There were 68 items in the word subtest (34 items in each form). For each item, the child was allowed to look at the examiner while s/he is silently articulating the target word and the child is to respond by pointing to the corresponding depicted pictorial among 4 pictures (the target and 3 distractors) presented to him/her. The words in this subtest item were selected to represent the 34 Arabic phonemes (28 consonants and 6 vowels). The words that represented consonants were selected to have these consonants at the initial position of the word, while words that presented vowels were selected to be CVC or CVSS words with the vowel placed in the medial position of the words. According to the viseme classification of the Modern Standard Arabic by Damien et al. [24] (Fig. 1), the word subtest was designed to have 2 levels of difficulty: form A and form B, form B is considered to be the more difficult one according to distractor words used. Distractors in form A were chosen to begin with a consonant different in place of articulation (different viseme) to the target word. For example, word (/ʔæsæd/, lion) in the form A that begin with the viseme /ʔ/ where put along 3 distractors namely: (/korsi:/, chair), (/bɑtˤtˤɑh/, duck) and (/ri:ʃæh/, feather), that start with different viseme /k/, /b/ and /r/ respectively. While in form B, 2 of the distractors were chosen to begin with the same consonant of the target word (same viseme), but with a different following vowel and the other distractor begin with a consonant that is different in place of articulation to the target word (different viseme). For example, in form B, the target word (/ʔæsæd/, lion) were put among 3 distractor words; 2 of them are the word (/ʔodˤɑh/, room) and the word (/ʔebræh/, needle) that start with the same viseme /ʔ/ of the target word and the other distractor word was (/fɑrɑ:ʃɑ:h/, butterfly), that start with /f/ sound, a viseme that is different from that of the target word. Both forms A and B were applied to all the children and their scores were included in the total test score.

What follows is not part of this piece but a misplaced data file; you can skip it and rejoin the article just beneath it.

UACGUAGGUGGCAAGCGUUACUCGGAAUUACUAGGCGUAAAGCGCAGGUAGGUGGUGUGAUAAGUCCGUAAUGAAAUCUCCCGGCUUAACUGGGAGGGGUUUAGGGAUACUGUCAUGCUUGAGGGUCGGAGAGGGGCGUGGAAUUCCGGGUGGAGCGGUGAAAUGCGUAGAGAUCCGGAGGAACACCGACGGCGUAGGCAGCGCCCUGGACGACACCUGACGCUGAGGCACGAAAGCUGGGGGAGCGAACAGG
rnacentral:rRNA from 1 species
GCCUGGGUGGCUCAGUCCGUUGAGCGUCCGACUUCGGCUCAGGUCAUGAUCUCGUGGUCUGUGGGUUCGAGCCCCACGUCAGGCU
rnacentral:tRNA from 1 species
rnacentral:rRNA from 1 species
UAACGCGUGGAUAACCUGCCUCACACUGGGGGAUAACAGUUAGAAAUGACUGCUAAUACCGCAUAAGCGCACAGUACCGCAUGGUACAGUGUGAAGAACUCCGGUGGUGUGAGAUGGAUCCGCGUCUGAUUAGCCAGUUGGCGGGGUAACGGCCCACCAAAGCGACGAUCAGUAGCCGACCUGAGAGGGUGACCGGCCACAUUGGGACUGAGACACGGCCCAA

Fig. 1
figure 1

The visemes classifcation of the Modern Standard Arabic language. The source is [24]

A practice item was used at the beginning to ensure that the child had understood the procedure (Additional file 1: Appendix 1). The list of words of the items in the word subtest (form A and B) can be found in Additional file 1: Appendix 2.

Sentence subtest